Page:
According to Wired.com’s Raw File blog, Edward Burtynsky‘s massive photos from his Oil series, often overwhelming in scale, will now be available in an (itty bitty by comparison) iPad version. Raw File’s Jakob Schiller asks a good question: “How would these prints translate to a backlit viewing platform smaller than a sheet of office paper?”
The answer, at least according to Schiller, is mixed. Though the iPad version may lose some of the drama and awe, interviews, videos, and maps enhance the experience in a way that might be missed on a gallery wall.
But isn’t Schiller’s question just a variation on the same one we’ve been asking ourselves since works of art started populating digital platforms? It’s my personal opinion that, rather than something being taken away, online versions of any work of art make the face-to-face interaction with the piece all the more compelling and meaningful.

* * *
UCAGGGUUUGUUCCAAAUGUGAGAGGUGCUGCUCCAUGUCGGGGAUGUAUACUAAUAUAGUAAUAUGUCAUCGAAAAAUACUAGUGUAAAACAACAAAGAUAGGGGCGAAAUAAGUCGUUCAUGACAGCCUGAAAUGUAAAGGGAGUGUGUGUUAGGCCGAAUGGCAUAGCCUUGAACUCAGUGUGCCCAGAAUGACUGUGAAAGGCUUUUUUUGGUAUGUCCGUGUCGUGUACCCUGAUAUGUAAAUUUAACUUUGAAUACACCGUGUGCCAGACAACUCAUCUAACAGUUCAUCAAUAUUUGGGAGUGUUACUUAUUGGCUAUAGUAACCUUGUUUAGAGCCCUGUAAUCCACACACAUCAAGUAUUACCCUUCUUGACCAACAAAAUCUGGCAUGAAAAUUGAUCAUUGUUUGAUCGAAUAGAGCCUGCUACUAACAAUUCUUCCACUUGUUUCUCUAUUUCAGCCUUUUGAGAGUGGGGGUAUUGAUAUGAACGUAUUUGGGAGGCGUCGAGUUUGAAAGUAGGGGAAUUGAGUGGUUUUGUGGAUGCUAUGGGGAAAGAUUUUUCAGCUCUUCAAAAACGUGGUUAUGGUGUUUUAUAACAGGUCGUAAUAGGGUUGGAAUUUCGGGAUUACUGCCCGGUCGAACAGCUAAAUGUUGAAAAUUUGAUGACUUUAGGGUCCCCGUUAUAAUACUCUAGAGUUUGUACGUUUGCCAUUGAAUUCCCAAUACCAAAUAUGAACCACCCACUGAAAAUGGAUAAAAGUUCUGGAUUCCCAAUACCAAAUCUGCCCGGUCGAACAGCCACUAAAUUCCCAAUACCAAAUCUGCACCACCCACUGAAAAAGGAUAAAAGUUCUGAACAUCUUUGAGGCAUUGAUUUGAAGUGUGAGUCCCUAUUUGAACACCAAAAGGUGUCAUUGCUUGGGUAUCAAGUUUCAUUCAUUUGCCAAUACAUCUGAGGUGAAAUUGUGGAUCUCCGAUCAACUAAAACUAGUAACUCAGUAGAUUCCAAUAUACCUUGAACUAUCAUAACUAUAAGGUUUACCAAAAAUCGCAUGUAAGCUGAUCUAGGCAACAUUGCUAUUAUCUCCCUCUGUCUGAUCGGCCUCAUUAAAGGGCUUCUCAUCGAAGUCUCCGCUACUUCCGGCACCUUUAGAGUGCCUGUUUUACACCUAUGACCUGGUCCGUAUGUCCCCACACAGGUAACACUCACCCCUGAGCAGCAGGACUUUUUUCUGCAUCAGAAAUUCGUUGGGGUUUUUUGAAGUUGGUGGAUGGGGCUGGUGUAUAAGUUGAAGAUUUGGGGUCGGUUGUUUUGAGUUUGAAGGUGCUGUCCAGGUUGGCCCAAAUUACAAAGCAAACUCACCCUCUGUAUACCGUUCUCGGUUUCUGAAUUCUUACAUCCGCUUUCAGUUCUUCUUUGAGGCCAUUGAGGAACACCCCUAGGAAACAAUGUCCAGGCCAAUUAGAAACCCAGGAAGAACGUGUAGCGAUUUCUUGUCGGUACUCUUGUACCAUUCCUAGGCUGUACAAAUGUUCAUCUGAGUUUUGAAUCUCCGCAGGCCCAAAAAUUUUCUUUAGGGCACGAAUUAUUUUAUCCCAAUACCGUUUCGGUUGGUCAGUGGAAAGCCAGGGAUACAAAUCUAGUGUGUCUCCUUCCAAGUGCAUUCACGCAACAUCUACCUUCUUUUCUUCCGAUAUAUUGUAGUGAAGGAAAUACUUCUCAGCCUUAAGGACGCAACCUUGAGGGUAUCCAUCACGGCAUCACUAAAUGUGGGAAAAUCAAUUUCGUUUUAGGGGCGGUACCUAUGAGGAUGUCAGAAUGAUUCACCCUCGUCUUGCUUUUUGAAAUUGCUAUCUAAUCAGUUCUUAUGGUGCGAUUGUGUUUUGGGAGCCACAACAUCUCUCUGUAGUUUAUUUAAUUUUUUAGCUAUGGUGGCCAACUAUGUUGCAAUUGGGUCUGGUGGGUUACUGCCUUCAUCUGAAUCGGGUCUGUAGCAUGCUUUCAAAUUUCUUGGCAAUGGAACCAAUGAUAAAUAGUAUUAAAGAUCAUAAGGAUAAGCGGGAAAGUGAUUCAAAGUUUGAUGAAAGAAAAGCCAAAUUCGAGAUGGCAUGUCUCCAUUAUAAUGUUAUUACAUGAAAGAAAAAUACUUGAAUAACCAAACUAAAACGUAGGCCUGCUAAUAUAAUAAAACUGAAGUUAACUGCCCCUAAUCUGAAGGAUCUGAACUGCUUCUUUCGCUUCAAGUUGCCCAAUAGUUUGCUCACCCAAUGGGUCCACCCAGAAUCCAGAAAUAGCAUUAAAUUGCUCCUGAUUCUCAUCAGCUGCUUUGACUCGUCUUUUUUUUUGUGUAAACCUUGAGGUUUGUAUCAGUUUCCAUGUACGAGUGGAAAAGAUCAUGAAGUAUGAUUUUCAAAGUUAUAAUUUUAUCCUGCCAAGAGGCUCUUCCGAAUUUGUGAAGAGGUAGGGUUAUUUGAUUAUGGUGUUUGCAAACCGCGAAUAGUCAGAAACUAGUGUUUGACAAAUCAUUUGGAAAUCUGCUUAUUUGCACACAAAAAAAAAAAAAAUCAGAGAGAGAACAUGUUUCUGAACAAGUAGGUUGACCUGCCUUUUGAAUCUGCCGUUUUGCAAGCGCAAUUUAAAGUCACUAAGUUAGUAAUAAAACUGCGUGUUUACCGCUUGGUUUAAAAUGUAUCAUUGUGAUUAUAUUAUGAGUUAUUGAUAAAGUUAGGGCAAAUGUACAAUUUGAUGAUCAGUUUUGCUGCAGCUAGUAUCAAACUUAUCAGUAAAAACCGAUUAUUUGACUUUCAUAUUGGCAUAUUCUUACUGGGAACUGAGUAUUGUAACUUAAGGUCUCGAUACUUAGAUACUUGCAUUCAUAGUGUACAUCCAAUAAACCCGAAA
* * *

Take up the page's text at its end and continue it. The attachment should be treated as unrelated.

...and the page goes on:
You don’t have to agree with me. Examples of Burtynsky’s giant photos will be featured in Picturing the Sublime: Photographs from the Joseph and Charlotte Lichtenberg Collection, on view at the Phillips Oct. 11, 2012–Jan. 13, 2013. Bring your iPad and make the comparison.
Amy Wike, Publicity & Marketing Coordinator
What a wonderful resonance these works have with the Augustus Vincent Tack panels in the music room! http://phillipscollection.org/exhibitions/past/2011/tacks_music_room.aspx
Excellent observation Evelyn! They’re unfortunately not on view anymore, but thanks for pointing out the resonance.